House Democrats will instantly place their political power to the test on Thursday by going to reopen the national authorities, setting up a confrontation with President Donald Trump, since the partial government shutdown enters its 13th day.
Democratic leaders have scheduled a set of votes on a box of bills to finish the shutdown and give Congress more time to negotiate a deal with the White House on boundary financing.
The votes will come soon after Democratic leader Nancy Pelosi yields as Speaker of the House and Democrats recover the majority for the very first time in eight years.
But even when the invoices are accepted, as anticipated, the shutdown will probably go on. The package still has to clear the GOP controlled Senate, but majority leader Mitch McConnell, R-Ky., has stated he will not call for a vote on legislation to end the confrontation if it’s Trump’s backing.
Trump already has denounced the Democratic plan as it lacks money for a wall across the U.S.-Mexican border. And in the White House on Wednesday, he showed no sign of backing down.
Asked how long the shutter would last, Trump told reporters As long as it takes.
Nine national departments and many smaller agencies – representing a quarter of the national government – closed down on Dec. 22 when their financing lapsed and Democratic congressmen and the White House failed to strike a deal to keep them open.
The sticking point has been Trump’s insistence on $5 billion in financing for a boundary wall, although he promised repeatedly throughout his presidential campaign he’d make Mexico pay for the arrangement.
In a last ditch effort to maintain the government open, the House voted in late December, mostly along party lines, to give Trump $5.7 billion to the wall at one of the then GOP majority’s final acts. But that measure never acquired a vote in the Senate, promising the shutdown will begin two weeks later.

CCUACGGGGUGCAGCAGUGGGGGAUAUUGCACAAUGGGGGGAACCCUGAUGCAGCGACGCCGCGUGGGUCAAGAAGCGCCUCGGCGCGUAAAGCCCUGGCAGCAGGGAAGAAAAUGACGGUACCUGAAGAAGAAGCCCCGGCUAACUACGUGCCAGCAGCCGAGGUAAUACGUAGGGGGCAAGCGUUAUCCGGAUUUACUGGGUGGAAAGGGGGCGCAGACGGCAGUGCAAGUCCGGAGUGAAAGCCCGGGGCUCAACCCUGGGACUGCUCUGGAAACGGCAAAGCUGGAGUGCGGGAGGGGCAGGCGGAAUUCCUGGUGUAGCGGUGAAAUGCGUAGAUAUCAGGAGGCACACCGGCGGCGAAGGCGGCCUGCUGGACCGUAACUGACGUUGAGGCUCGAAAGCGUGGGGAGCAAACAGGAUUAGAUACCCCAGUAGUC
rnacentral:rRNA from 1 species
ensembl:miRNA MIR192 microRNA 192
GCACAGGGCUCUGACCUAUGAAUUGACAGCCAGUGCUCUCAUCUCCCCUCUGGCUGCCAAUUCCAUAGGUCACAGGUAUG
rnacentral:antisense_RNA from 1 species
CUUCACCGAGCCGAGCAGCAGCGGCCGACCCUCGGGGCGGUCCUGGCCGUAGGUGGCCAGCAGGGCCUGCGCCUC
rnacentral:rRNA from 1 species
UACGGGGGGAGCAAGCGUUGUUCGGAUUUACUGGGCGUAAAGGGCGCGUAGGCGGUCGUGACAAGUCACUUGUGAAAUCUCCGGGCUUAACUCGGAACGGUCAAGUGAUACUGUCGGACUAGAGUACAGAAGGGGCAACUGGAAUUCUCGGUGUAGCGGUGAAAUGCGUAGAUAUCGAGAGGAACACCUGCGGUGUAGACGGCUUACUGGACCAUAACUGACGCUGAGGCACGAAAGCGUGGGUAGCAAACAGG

Among the invoices that the Democratic majority will likely push on Thursday would finance all shuttered departments except for Homeland Security during the rest of the fiscal year, which ends on Sept. 30.
The other would offer temporary financing for Homeland Security via Feb. 8, purchasing lawmakers and the White House more time to solve their standoff over boundary wall financing.
In the mean time, the shutdown’s effect is beginning to become more visible in several places following the holidays, when many government offices have been already scheduled to be closed.
In Washington, the Smithsonian Institution closed 19 museums and the National Zoo on Wednesday due to a shortage of capital. The Smithsonian had been in a position to stay open through Jan. 1 by employing past year financing.
Some national parks reported human faces, overflowing trash, prohibited off roading along with other damaging behaviour. The shutdown has forced furloughs of tens of thousands of federal workers, leaving several parks without the majority of the rangers and others that staff campgrounds and otherwise maintain parks running. Joshua Tree National Park in California has closed its campgrounds following the loss of sanitation workers resulted in overflowing toilets.
Thousands of federal workers who have been placed on furlough or forced to work without pay are starting to wonder when they will see their next pay check. In the past, including the 16-day shutdown in 2013, federal workers received back pay. But there’s no guarantee that will happen this time because it requires Congress and the White House to work together to pass a law mandating the back pay.